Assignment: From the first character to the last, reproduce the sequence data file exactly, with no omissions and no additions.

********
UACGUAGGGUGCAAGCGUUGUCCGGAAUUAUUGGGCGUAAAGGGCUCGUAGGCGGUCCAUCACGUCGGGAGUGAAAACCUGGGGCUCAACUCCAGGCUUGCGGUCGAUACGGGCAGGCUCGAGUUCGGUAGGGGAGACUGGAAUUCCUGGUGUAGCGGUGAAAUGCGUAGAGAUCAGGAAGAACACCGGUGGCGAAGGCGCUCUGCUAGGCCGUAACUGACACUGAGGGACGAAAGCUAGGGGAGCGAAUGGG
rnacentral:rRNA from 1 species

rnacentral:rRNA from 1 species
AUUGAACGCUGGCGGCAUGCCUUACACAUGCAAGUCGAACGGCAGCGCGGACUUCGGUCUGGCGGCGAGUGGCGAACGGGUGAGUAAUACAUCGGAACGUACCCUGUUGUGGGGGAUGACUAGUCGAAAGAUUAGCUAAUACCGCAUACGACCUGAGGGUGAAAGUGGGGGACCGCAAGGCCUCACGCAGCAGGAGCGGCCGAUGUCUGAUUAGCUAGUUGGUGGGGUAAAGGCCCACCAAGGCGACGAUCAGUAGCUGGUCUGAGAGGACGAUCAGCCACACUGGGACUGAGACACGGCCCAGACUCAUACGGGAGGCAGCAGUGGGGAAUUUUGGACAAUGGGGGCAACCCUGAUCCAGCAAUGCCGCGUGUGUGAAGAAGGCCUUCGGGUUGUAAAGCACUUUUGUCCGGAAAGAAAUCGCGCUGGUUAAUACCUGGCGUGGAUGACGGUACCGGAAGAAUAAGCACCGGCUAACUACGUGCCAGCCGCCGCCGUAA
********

UACGUAGGGUGCAAGCGUUGUCCGGAAUUAUUGGGCGUAAAGGGCUCGUAGGCGGUCCAUCACGUCGGGAGUGAAAACCUGGGGCUCAACUCCAGGCUUGCGGUCGAUACGGGCAGGCUCGAGUUCGGUAGGGGAGACUGGAAUUCCUGGUGUAGCGGUGAAAUGCGUAGAGAUCAGGAAGAACACCGGUGGCGAAGGCGCUCUGCUAGGCCGUAACUGACACUGAGGGACGAAAGCUAGGGGAGCGAAUGGG
rnacentral:rRNA from 1 species

rnacentral:rRNA from 1 species
AUUGAACGCUGGCGGCAUGCCUUACACAUGCAAGUCGAACGGCAGCGCGGACUUCGGUCUGGCGGCGAGUGGCGAACGGGUGAGUAAUACAUCGGAACGUACCCUGUUGUGGGGGAUGACUAGUCGAAAGAUUAGCUAAUACCGCAUACGACCUGAGGGUGAAAGUGGGGGACCGCAAGGCCUCACGCAGCAGGAGCGGCCGAUGUCUGAUUAGCUAGUUGGUGGGGUAAAGGCCCACCAAGGCGACGAUCAGUAGCUGGUCUGAGAGGACGAUCAGCCACACUGGGACUGAGACACGGCCCAGACUCAUACGGGAGGCAGCAGUGGGGAAUUUUGGACAAUGGGGGCAACCCUGAUCCAGCAAUGCCGCGUGUGUGAAGAAGGCCUUCGGGUUGUAAAGCACUUUUGUCCGGAAAGAAAUCGCGCUGGUUAAUACCUGGCGUGGAUGACGGUACCGGAAGAAUAAGCACCGGCUAACUACGUGCCAGCCGCCGCCGUAA